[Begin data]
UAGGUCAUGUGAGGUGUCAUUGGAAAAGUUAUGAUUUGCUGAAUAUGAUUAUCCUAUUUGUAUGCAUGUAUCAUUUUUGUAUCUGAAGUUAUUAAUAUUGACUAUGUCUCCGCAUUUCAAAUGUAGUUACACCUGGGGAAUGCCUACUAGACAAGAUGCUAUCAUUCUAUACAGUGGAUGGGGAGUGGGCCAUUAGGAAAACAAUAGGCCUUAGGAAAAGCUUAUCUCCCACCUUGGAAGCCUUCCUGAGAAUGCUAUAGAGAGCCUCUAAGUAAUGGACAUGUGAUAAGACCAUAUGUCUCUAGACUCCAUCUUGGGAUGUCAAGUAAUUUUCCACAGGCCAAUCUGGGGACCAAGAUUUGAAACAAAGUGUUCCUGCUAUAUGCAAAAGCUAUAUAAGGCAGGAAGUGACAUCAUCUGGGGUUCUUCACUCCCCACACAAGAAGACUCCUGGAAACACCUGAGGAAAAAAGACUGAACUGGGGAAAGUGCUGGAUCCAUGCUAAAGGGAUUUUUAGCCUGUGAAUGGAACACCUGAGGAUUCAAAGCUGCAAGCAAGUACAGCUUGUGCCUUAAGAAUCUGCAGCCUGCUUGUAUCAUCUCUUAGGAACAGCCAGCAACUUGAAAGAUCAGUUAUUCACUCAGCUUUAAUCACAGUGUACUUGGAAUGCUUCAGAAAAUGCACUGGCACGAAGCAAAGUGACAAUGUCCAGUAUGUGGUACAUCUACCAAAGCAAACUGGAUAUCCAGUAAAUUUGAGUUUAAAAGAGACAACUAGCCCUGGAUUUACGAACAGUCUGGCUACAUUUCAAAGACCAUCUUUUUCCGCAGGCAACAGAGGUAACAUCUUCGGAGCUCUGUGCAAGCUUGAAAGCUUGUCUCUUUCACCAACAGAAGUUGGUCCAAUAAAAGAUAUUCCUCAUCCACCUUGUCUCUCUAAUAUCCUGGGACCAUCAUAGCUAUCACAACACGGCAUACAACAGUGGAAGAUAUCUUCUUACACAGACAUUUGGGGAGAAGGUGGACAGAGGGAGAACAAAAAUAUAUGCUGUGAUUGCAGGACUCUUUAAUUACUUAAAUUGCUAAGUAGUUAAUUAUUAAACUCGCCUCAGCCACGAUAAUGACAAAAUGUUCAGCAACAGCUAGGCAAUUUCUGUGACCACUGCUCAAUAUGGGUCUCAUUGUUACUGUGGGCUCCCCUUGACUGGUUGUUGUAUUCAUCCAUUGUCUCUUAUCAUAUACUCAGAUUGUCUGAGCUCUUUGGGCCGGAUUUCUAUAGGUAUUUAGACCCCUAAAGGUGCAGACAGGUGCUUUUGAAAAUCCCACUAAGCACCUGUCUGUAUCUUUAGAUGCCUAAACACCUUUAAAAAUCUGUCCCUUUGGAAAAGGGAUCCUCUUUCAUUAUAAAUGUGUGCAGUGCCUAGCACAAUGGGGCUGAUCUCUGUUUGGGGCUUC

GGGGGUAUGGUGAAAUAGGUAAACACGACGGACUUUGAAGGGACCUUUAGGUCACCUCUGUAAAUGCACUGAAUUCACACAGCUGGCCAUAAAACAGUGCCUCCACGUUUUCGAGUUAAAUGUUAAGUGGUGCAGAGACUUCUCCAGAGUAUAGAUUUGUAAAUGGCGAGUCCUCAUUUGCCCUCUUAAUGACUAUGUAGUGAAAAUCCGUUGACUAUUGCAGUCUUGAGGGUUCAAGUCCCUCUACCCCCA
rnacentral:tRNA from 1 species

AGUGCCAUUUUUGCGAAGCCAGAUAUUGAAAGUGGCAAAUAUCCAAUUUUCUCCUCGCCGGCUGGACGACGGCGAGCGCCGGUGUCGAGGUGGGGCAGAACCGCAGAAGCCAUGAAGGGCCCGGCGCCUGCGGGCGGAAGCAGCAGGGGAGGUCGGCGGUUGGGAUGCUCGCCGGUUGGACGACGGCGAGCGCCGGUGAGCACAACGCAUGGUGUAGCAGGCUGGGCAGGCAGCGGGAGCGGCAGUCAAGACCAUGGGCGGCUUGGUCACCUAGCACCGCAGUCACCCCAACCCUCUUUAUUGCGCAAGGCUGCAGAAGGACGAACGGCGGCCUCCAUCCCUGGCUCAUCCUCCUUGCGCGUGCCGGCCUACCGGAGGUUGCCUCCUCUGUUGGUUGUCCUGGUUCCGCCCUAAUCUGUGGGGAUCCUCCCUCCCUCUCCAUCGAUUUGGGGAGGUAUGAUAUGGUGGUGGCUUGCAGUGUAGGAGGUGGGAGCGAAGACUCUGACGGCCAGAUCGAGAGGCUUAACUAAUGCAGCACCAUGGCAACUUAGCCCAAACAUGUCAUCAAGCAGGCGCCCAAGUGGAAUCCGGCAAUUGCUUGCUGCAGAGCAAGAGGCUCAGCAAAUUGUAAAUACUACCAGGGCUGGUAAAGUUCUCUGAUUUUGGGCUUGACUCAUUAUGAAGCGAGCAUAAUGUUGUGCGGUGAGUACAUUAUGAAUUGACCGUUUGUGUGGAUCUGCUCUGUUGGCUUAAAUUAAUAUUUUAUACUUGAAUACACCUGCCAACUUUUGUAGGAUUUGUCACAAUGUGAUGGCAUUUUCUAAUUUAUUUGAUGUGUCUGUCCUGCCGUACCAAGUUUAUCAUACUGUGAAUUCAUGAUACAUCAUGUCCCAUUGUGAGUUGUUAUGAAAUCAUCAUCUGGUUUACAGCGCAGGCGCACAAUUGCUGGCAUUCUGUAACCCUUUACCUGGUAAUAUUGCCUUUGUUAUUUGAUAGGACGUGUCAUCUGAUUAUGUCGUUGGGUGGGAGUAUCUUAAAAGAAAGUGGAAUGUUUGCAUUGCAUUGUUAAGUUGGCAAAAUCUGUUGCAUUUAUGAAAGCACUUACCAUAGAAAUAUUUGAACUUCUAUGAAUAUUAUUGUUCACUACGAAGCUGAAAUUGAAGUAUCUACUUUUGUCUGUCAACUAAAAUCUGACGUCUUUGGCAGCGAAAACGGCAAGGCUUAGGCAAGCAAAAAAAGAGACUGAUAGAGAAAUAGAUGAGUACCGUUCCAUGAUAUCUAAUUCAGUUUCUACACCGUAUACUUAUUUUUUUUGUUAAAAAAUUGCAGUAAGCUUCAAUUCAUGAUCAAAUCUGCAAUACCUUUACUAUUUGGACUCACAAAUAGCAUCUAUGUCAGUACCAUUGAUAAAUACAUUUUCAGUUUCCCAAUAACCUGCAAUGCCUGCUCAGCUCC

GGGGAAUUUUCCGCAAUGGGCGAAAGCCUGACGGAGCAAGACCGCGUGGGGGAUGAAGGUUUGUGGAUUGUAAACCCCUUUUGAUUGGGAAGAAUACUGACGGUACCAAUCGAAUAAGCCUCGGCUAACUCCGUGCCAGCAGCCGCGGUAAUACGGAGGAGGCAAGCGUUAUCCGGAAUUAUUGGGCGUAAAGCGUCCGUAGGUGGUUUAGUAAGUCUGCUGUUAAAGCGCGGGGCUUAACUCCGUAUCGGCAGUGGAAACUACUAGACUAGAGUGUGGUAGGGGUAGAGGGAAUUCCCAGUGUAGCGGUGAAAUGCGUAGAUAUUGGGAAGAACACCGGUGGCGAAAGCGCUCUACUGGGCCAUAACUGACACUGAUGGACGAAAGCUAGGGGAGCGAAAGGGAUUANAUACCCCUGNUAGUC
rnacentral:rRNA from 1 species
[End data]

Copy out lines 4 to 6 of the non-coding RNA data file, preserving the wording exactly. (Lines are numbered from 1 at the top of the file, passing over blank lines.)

AGUGCCAUUUUUGCGAAGCCAGAUAUUGAAAGUGGCAAAUAUCCAAUUUUCUCCUCGCCGGCUGGACGACGGCGAGCGCCGGUGUCGAGGUGGGGCAGAACCGCAGAAGCCAUGAAGGGCCCGGCGCCUGCGGGCGGAAGCAGCAGGGGAGGUCGGCGGUUGGGAUGCUCGCCGGUUGGACGACGGCGAGCGCCGGUGAGCACAACGCAUGGUGUAGCAGGCUGGGCAGGCAGCGGGAGCGGCAGUCAAGACCAUGGGCGGCUUGGUCACCUAGCACCGCAGUCACCCCAACCCUCUUUAUUGCGCAAGGCUGCAGAAGGACGAACGGCGGCCUCCAUCCCUGGCUCAUCCUCCUUGCGCGUGCCGGCCUACCGGAGGUUGCCUCCUCUGUUGGUUGUCCUGGUUCCGCCCUAAUCUGUGGGGAUCCUCCCUCCCUCUCCAUCGAUUUGGGGAGGUAUGAUAUGGUGGUGGCUUGCAGUGUAGGAGGUGGGAGCGAAGACUCUGACGGCCAGAUCGAGAGGCUUAACUAAUGCAGCACCAUGGCAACUUAGCCCAAACAUGUCAUCAAGCAGGCGCCCAAGUGGAAUCCGGCAAUUGCUUGCUGCAGAGCAAGAGGCUCAGCAAAUUGUAAAUACUACCAGGGCUGGUAAAGUUCUCUGAUUUUGGGCUUGACUCAUUAUGAAGCGAGCAUAAUGUUGUGCGGUGAGUACAUUAUGAAUUGACCGUUUGUGUGGAUCUGCUCUGUUGGCUUAAAUUAAUAUUUUAUACUUGAAUACACCUGCCAACUUUUGUAGGAUUUGUCACAAUGUGAUGGCAUUUUCUAAUUUAUUUGAUGUGUCUGUCCUGCCGUACCAAGUUUAUCAUACUGUGAAUUCAUGAUACAUCAUGUCCCAUUGUGAGUUGUUAUGAAAUCAUCAUCUGGUUUACAGCGCAGGCGCACAAUUGCUGGCAUUCUGUAACCCUUUACCUGGUAAUAUUGCCUUUGUUAUUUGAUAGGACGUGUCAUCUGAUUAUGUCGUUGGGUGGGAGUAUCUUAAAAGAAAGUGGAAUGUUUGCAUUGCAUUGUUAAGUUGGCAAAAUCUGUUGCAUUUAUGAAAGCACUUACCAUAGAAAUAUUUGAACUUCUAUGAAUAUUAUUGUUCACUACGAAGCUGAAAUUGAAGUAUCUACUUUUGUCUGUCAACUAAAAUCUGACGUCUUUGGCAGCGAAAACGGCAAGGCUUAGGCAAGCAAAAAAAGAGACUGAUAGAGAAAUAGAUGAGUACCGUUCCAUGAUAUCUAAUUCAGUUUCUACACCGUAUACUUAUUUUUUUUGUUAAAAAAUUGCAGUAAGCUUCAAUUCAUGAUCAAAUCUGCAAUACCUUUACUAUUUGGACUCACAAAUAGCAUCUAUGUCAGUACCAUUGAUAAAUACAUUUUCAGUUUCCCAAUAACCUGCAAUGCCUGCUCAGCUCC

GGGGAAUUUUCCGCAAUGGGCGAAAGCCUGACGGAGCAAGACCGCGUGGGGGAUGAAGGUUUGUGGAUUGUAAACCCCUUUUGAUUGGGAAGAAUACUGACGGUACCAAUCGAAUAAGCCUCGGCUAACUCCGUGCCAGCAGCCGCGGUAAUACGGAGGAGGCAAGCGUUAUCCGGAAUUAUUGGGCGUAAAGCGUCCGUAGGUGGUUUAGUAAGUCUGCUGUUAAAGCGCGGGGCUUAACUCCGUAUCGGCAGUGGAAACUACUAGACUAGAGUGUGGUAGGGGUAGAGGGAAUUCCCAGUGUAGCGGUGAAAUGCGUAGAUAUUGGGAAGAACACCGGUGGCGAAAGCGCUCUACUGGGCCAUAACUGACACUGAUGGACGAAAGCUAGGGGAGCGAAAGGGAUUANAUACCCCUGNUAGUC
rnacentral:rRNA from 1 species